» Amount of attached gingiva – Without properly attached gingiva, recession occurs.
» Occlusion (bite) – Excessive forces on teeth may increase the likelihood of bone loss.
» Tooth mobility (looseness) – This usually indicates inadequate bone support or a bite problem.
» Patient oral hygiene – Long-term results will be compromised by poor brushing and flossing.
Radiographs are mandatory to accurately evaluate periodontal disease. X-rays help determine the amount and location of bone loss, size and shape of the roots, amount of root embedded in the bone, relationship of the teeth to each other, whether a nerve has died, location of sinus and mandibular nerve when placing implants and oral pathologies. Unless gingival grafting is involved, adequate x-rays are a necessity.
Check out the below list of commonly taken x-ray views.
» Full mouth periapicals: 16-18 detailed views of the surrounding bone and teeth
» Panograph: This single screening film shows an overview of the upper and lower jaws, sinus, temporomandibular joint and other anatomic features
» Bitewings: These involve four detailed views of the side and back teeth, specifically used to detect decay. Bitewings are often paired with the panograph by general dentists for routine new patient screenings.
» Vertical bitewings: We conduct four to seven detailed views of the teeth that can show both decay and bone levels when severe bone loss is not prevalent.
» Digital x-rays: Stored on a computer, these are generally available in periapical and bitewings only.
Patients can rest assured that film speed has improved dramatically; meaning that very little radiation is needed to expose the x-ray film. Experts estimate that the amount of body radiation received with a full mouth series is less than one would receive from a day at the beach.
Once this stage is reached, your periodontist will organize and systematically evaluate the results to make a diagnosis. Patients must realize that while there may be approaches to treat a problem, only one correct diagnosis exists. Various treatment options will formulate once a diagnosis is determined.
In order to yield a successful result, both the calculus and plaque must be removed. We will also create an environment that ensures an easy plaque removal process. We may also address the following at this point.
» Demonstration of proper oral hygiene habits to remove surface plaque
» Scaling and root planing to remove calculus and plaque
» Removal of hopeless teeth to ensure optimal results
» Adjustment of bite if necessary
» Gingivectomy – When the bone contour has not been altered, trimming excess tissue is needed.
» Flap surgery – This gives the periodontist access to the jawbone. The most advanced cases require smoothing irregularities that were caused by infection.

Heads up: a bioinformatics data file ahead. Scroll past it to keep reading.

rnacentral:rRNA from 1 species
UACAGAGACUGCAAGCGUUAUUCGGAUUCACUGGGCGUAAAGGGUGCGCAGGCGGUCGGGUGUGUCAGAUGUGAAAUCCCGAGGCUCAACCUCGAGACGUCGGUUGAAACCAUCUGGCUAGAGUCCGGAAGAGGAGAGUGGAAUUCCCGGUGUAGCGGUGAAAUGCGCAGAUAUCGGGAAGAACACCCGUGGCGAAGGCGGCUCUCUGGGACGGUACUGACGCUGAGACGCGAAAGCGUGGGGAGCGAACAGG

» Regeneration surgery – Since the regeneration of tissue and bone are not always possible with periodontal therapy, new techniques are allowing for more predictable tissue regeneration.
Ultimately, the surgeon wants to reduce pocket depth. Pocket elimination, where patients can remove plaque from the sulcus daily, is the ideal goal. However, deeper pockets may still have some depth postoperatively. As long as these teeth don’t jeopardize the surrounding dentition, they can usually be maintained during the procedure.
Patient home care and regular periodontal maintenance are the two most important factors in determining long-term success. Without routine maintenance, there is a 20-fold increase in the likelihood of recurrent disease. Our doctors recommend cleanings every three months instead of biannual appointments. These are usually alternated between the general dentist and periodontist. Consistent flossing and brushing are critical to ensuring your overall periodontal health!
AND FOLLOW UP CARE
Good periodontal health is maintained with good oral hygiene and regular cleanings. Research proves that those who fail to maintain quality dental habits have 20 times the amount of bone loss as those who do. To prevent reoccurrence of periodontal disease, it is vital that patients remove plaque twice daily. Maintaining good dental habits and regular cleanings are critical to long-term oral health. Without inadequate follow-up care, the disease will come back. That’s why the patient must take full responsibility for their periodontal health.
In cases where some residual pockets are deeper than 3 mm, or where the patient has exhibited a high susceptibility to breakdown, it is critical that we perform three-month recalls. This is done to manage the bacteria from forming plaque immediately after treatment. Read more
Plaque usually takes about three months to develop into an aggressive infection. While minimal bone loss takes place within the first three months, the likelihood of breakdown dramatically increases after 90 days. The aggressiveness of plaque will be kept to a minimum as long as plaque is regularly removed.
The two mainstays of oral hygiene are brushing and flossing. Patients should slide the bristles of the brush into the cuff of the gum, like a broom may slide under the edge of the refrigerator. Positioned at a 45 degree angle to the tooth, move the brush in a circular motion. This method is the best way to remove plaque from beneath the gum edge. We do not recommend a scrubbing motion, as this may lead to gum recession.
Update of dental and medical history
Soft tissue cancer exam
Clinical decay examination
Clinical periodontal examination
Review of proper oral hygiene as needed
Scaling above gum level
Root planing under gum level
Every three months, we take full mouth radiographs to determine the stability of the bone level.
A key observation at the appointment will be whether the tissues bleed when probed. No bleeding leads to a healthy mouth. Additional treatment will be warranted if bleeding does exist. We will also take note if the x-rays show a change of bone level.
Throughout the periodontal maintenance appointment, we want to make sure that patients are comfortable. We have nitrous oxide available for those who need help relaxing